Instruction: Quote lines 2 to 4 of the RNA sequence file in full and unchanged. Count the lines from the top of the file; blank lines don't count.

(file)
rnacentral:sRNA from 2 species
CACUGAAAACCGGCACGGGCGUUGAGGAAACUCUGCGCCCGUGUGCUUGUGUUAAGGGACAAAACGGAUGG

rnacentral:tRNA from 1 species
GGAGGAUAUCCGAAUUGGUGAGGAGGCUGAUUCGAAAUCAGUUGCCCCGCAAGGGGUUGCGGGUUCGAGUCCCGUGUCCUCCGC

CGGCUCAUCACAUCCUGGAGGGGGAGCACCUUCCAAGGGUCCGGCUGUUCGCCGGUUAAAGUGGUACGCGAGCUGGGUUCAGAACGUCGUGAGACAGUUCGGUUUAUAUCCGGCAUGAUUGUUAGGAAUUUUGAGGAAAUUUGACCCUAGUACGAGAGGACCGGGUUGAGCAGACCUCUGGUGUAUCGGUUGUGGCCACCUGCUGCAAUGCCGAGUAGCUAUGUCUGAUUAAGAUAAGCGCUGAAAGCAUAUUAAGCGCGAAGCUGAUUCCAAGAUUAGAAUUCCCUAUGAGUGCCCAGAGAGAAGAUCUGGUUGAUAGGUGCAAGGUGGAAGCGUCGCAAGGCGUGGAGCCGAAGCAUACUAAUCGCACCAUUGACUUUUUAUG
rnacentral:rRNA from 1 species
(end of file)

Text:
CACUGAAAACCGGCACGGGCGUUGAGGAAACUCUGCGCCCGUGUGCUUGUGUUAAGGGACAAAACGGAUGG

rnacentral:tRNA from 1 species
GGAGGAUAUCCGAAUUGGUGAGGAGGCUGAUUCGAAAUCAGUUGCCCCGCAAGGGGUUGCGGGUUCGAGUCCCGUGUCCUCCGC